Xander held out his palm “It’s that McKinley streak of yours, you just couldn’t face losing could you?”
“Lose, you say?” Her eyebrow raised in contradiction.
An hour earlier the two friends dove into the challenge of swimming three times up to Brook Knells and back. Petite and athletic Milka enjoyed these games; not because they brought respite from her increasing manor chores, but she was good at them—especially swimming.
“Yes. I said lose.” Xander smirked.
She wanted to give him a good twat. If she conceded a loss she’d never hear the end of it.
“Alexander Mayfield, you know well and good I beat you twice since evening and was on my way to winning for a third time. A thousand arms couldn’t have helped you to beat me.”
“Is that so?” The grin started first at his mouth, then slowly spread to his freckled nose, making its way up to his hazel eyes alight with mischief. “By my calculations, I was about to swim past you when you supposedly saw someone. Am I to believe this person up and vanished into thin air? A rather flimsy excuse, if you ask me.” A snicker escaped his mouth.
Milka wasn’t impressed. The gall of him! She lifted a finger to give him a good telling off but was side-tracked by something close to where she’d seen the squirrels.
“Look!” Milka sped over to the spot. A huge mark imprinted into ground.
“Well, it’s not a shoe mark," Xander said pointedly,
“A bear’s claw perhaps.” Milka suggested.
“No, look at the size of this thing.” Crouching low, he placed his palm in its center. "There isn’t a beast in Pashdom big enough to make this mark. It’s likely a trick of the recent rains and mud.”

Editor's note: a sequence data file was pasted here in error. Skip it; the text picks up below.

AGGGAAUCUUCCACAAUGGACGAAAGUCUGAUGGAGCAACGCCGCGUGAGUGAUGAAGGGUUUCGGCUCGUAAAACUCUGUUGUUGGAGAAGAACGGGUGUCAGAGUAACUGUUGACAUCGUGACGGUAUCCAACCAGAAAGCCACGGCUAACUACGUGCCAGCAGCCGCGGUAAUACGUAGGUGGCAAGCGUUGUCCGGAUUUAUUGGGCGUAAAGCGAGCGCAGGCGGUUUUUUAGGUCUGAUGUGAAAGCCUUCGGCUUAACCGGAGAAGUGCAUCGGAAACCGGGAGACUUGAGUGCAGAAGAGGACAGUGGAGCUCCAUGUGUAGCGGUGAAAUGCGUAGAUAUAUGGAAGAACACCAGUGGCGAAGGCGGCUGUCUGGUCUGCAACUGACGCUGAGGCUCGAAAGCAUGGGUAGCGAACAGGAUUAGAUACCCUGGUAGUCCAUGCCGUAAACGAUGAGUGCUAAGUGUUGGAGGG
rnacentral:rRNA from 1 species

“Hmm.” Milka furrowed her brows. “I don’t know ... first a figure in the trees and now this. Something strange is happening here today, I can feel it.”
"Right, a person who vanished and a mark made by the rain … my friend, what you have, is an overactive imagination.” Xander scoffed. "Admit defeat and I'll forgive you ruining the race earlier."
“I'll do no such thing. You’re lucky I’m not an Orgait, or I’d have you spinning in the air for such stubbornness.”
Though Milka spoke lightly, Xander’s whole demeanor changed; familiar sympathy evident in his eyes. “It's only been six months since your fifteenth birthday, I’ve a feeling my luck will run out soon. The left side of his mouth curled into a half-grin. “But until then, I’ll just as soon continue to hassle you.”
“Quite optimistic of you to think I’ll ever be able to do magic.” Milka sighed.
“Hey, you know me.” The grin broadened.
“Well, more fool you.” For his sake, she put on a smile. “Anyway, I don’t care about all that anymore.” Milka tossed out the words, careful to avoid looking at him. She knew from experience his gaze missed nothing.
For as long as she could remember, the Miller’s son had been her best friend, partner in crime, fellow sleuth, or trouble companion as Grandma Esme liked to call him. Though he drove her crazy, he always knew what to say; she just didn’t feel like talking about her magic problems today.
“Come on, we’ve stayed long enough,” She moved towards their meager belongings pausing to gaze at the stream. The water, the trees, and even the gigantic rock—this was truly her favorite place in the world. Here, she could forget about her parents’ death. The fact she barely remembered their faces bothered her. Sometimes she’d stare at the stream, hoping if she looked long enough she’d see her mother’s reflection instead of her own. Needless to say, it never worked. Milka’s blue eyes would pierce back, her oval face clouding with sadness.